The law prohibits discrimination against persons with physical, sensory, intellectual, and mental disabilities in employment, education, and access to health care. The law also provides for regulations and building codes that provide for access for persons with disabilities. The government did not effectively enforce or implement these laws and regulations. While building codes enacted in 2003 require accessibility for all persons, the codes exempt most pre-2003 structures, and authorities rarely enforced them for new construction. Most public transportation is inaccessible to persons with disabilities, although the national rail system offers wheelchair ramps, accessible bathrooms, and special seating areas. Government policy provides that persons with disabilities should have equal access to information and communications. Special communication devices for persons with visual or audio disabilities were not widely available.
The Ministry of Social Development, Family, and Solidarity has responsibility for protecting the rights of persons with disabilities and attempted to integrate persons with disabilities into society by implementing a quota of 7 percent for persons with disabilities in vocational training in the public sector and 5 percent in the private sector. Both sectors were far from achieving the quotas. The government maintained more than 400 integrated classes for children with learning disabilities, but private charities and civil society organizations were primarily responsible for integration.
The majority of the population, including the royal family, claimed some Amazigh (Berber) heritage. Many of the poorest regions in the country, particularly the rural Middle Atlas region, were predominantly Amazigh and had illiteracy rates higher than the national average. Basic governmental services in this mountainous and underdeveloped region were lacking. Official languages are Arabic and Amazigh, although Arabic predominates. Amazigh cultural groups contended they were rapidly losing their traditions and language to Arabization. The government offered Amazigh language classes in some schools. Although the palace-funded Royal Institute of Amazigh Culture created a university-level teacher-training program to eliminate the shortage of qualified teachers, Amazigh NGOs contended that the number of qualified teachers of regional dialects of Amazigh languages continued to decrease. The government reported, however, that the number of teachers employed to teach the official national Amazigh language has increased. Instruction in the Amazigh language is mandatory for students at the Ministry of Interior’s School for Administrators.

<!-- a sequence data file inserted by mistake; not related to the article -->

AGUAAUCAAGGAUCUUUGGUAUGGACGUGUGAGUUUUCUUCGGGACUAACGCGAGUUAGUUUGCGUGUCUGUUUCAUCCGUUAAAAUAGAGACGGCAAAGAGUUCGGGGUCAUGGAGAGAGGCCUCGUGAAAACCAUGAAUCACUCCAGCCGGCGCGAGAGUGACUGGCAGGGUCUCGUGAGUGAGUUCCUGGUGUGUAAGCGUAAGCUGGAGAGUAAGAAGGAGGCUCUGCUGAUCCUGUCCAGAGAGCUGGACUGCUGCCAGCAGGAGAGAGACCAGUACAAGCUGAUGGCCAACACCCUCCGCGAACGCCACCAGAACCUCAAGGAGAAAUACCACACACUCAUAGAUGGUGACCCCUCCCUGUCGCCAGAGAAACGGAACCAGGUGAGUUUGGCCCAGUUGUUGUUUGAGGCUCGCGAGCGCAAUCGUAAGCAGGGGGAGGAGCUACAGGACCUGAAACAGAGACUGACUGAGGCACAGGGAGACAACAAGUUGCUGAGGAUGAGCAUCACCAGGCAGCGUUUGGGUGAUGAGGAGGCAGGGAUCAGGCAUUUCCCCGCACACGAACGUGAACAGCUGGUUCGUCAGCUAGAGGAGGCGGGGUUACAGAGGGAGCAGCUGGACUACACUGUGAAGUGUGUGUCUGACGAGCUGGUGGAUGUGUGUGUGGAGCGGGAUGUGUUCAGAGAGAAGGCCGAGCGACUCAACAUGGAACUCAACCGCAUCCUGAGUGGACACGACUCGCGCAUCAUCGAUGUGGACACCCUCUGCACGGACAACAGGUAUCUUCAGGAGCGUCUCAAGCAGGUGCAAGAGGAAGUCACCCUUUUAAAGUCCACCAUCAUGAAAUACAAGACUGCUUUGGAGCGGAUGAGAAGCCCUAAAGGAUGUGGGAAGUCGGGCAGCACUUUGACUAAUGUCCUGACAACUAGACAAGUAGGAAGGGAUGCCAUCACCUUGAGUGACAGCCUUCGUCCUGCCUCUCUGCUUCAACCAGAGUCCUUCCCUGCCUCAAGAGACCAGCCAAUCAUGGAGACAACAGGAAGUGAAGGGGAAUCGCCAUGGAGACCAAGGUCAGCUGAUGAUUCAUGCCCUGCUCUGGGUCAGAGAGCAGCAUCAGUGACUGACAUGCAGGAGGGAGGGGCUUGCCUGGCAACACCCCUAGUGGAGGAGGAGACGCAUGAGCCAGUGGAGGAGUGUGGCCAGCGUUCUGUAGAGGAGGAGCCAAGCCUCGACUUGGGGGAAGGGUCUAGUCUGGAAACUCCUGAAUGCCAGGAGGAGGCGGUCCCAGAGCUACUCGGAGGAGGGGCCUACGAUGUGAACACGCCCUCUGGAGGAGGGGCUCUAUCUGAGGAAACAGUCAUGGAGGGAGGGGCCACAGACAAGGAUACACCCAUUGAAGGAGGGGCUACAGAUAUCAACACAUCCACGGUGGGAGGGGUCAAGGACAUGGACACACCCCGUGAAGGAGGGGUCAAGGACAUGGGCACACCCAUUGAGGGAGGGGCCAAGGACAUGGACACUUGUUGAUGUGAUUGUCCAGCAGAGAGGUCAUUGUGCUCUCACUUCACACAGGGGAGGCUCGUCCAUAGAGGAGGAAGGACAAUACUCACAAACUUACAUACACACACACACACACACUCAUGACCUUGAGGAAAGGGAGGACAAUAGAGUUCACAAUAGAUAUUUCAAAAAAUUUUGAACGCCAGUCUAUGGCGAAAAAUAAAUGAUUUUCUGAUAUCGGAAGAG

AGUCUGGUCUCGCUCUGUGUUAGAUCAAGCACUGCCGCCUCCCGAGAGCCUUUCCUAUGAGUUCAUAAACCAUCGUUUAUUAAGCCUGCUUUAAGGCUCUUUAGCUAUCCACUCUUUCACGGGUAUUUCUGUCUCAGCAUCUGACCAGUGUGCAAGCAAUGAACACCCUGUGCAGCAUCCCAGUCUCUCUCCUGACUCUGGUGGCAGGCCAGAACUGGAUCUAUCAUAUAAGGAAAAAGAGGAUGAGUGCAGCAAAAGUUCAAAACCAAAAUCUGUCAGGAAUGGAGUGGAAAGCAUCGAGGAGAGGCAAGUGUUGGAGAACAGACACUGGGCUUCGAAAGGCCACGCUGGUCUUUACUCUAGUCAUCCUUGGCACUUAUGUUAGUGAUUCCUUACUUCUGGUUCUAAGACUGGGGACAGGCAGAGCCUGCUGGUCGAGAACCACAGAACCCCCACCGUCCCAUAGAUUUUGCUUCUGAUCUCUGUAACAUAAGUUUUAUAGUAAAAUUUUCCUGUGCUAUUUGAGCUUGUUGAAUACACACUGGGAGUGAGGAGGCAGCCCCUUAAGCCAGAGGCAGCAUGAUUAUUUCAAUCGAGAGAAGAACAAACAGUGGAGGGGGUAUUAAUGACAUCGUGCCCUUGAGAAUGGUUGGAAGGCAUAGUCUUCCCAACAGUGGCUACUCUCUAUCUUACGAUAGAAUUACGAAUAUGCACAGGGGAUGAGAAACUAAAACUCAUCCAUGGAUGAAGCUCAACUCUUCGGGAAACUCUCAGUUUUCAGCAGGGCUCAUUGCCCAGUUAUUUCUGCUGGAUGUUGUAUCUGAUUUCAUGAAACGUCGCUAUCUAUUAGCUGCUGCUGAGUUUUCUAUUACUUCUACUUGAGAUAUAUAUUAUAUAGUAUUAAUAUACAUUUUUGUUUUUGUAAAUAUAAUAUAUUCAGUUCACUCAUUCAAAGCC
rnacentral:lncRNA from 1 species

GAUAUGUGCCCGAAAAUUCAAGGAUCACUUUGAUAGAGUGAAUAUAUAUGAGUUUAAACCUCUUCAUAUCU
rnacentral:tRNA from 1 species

Amazigh materials were available in the news media and, to a much lesser extent, educational institutions. The government provided television programs in the three national Amazigh dialects of Tarifit, Tashelhit, and Tamazight. According to regulations public media are required to dedicate 30 percent of broadcast time to Amazigh language and cultural programming. According to Amazigh organizations, however, only 5 percent of broadcast time was being given to Amazigh language and culture. The National Federation of Amazigh Associations submitted a complaint to the High Authority for Audiovisual Communications in June 2017 to request compliance with the quota.
For more information regarding the situation of Sahrawis in Moroccan-administered Western Sahara, see the Department of State’s annual Country Reports on Human Rights for Western Sahara.
Acts of Violence, Discrimination, and Other Abuses Based on Sexual Orientation and Gender Identity
The law criminalizes consensual same-sex sexual activity, with a maximum sentence of three years in prison. Media and the public addressed questions of sexuality, sexual orientation, and gender identity more openly than in previous years. According to some human rights organizations, LGBTI victims of violence in high profile cases from previous years continue to be harassed when recognized in public.
Antidiscrimination laws do not apply to LGBTI persons, and the penal code does not criminalize hate crimes. There was a stigma against LGBTI persons, but there were no reports of overt discrimination based on sexual orientation or gender identity in employment, housing, access to education, or health care.
HIV and AIDS Social Stigma
Persons with HIV/AIDS faced discrimination and had limited treatment options. The Joint UN Program on HIV/AIDS reported that some health-care providers were reluctant to treat persons with HIV/AIDS due to fear of infection. According to the Joint UN Program on HIV/AIDS (UNAIDS), treatment coverage increased from 16 percent in 2010 to 48 percent in 2016 and the new National Strategic Plan 2017-2021 commits the country to reduce new infections among key and vulnerable populations, eliminate mother-to-child transmission of HIV, reduce AIDS-related deaths, confront discrimination, and strengthen governance for an efficient response.